Mr Caruana outlined that the visit is of “both practical and symbolic significance”. Firstly, the government, in inviting the UN, is showing a willingness to adhere to outside scrutiny. And it enables the bodies to inspect closed environments: both those subject to the NPM and those that won’t be.
“The SPT is primarily concerned with how places of deprivation function, the treatment of detainees and the oversight within them,” Caruana explained. “The WGAD is concerned with how people ended up there in the first place”, and the process that led to their deprivation of liberty.
The Australia OPCAT Network consists of NGOs, academics, and statutory and oversight agencies. It’s recently released the Implementation of OPCAT in Australia submission, which is designed to inform the SPT and the WGAD during their visit.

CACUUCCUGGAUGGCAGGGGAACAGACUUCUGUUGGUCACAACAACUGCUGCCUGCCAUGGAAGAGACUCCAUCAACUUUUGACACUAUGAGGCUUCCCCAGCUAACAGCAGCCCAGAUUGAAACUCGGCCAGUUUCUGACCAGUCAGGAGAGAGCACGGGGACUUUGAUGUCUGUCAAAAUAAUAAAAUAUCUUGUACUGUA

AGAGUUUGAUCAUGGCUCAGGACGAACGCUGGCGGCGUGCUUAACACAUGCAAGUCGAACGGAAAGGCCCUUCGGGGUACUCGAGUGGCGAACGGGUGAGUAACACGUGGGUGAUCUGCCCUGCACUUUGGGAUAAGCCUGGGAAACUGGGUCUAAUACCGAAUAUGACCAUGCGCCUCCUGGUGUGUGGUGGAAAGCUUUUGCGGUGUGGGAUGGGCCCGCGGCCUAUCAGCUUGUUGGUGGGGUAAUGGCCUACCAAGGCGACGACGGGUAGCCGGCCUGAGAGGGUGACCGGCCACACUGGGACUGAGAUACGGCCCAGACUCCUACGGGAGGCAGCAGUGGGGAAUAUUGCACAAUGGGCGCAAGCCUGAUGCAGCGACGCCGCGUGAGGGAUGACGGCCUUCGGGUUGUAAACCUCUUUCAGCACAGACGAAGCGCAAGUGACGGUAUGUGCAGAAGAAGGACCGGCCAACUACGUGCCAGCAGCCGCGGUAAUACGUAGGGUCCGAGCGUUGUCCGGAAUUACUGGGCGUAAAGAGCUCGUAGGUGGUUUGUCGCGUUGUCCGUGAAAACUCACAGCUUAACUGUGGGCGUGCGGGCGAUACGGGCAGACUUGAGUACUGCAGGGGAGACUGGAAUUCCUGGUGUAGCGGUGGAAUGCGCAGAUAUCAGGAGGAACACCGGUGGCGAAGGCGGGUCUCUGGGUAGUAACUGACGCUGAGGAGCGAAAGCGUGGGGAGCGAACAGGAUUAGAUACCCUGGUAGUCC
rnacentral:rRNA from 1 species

One of the lead authors of the report, Mr Caruana explained that it “highlights the current progress of implementing Australia’s NPM”, and it looks at the numerous forms of deprivation of liberty in this country, including a section on aged care facilities.
Regarding immigration detention, the submission points to increasing levels of systemic cruelty within the system, along with a lack of transparency around it. However, the NPM will not apply to offshore detention centres in Nauru or Papua New Guinea.
And the document also takes aim at the incarceration of First Nations people. It sets out that despite making up a little over 2 percent of the population, Indigenous inmates constitute 28 percent of those in correctional facilities. And within them, they suffer a lack of care, abuse and racism.
“A shocking tale of neglect”
“There are currently 90 countries that have ratified OPCAT and no other country has limited the scope of the NPM as Australia has in focusing initially only on ‘primary places of detention,’” Caruana went on, adding that “excluding aged care facilities is especially troubling”.
The often-overlooked Royal Commission into Aged Care Quality and Safety has uncovered numerous cases of “outright abuse” and mistreatment within the walls of these closed environments. Indeed, its interim report reveals an understaffed system, with a lack of care given towards our elderly.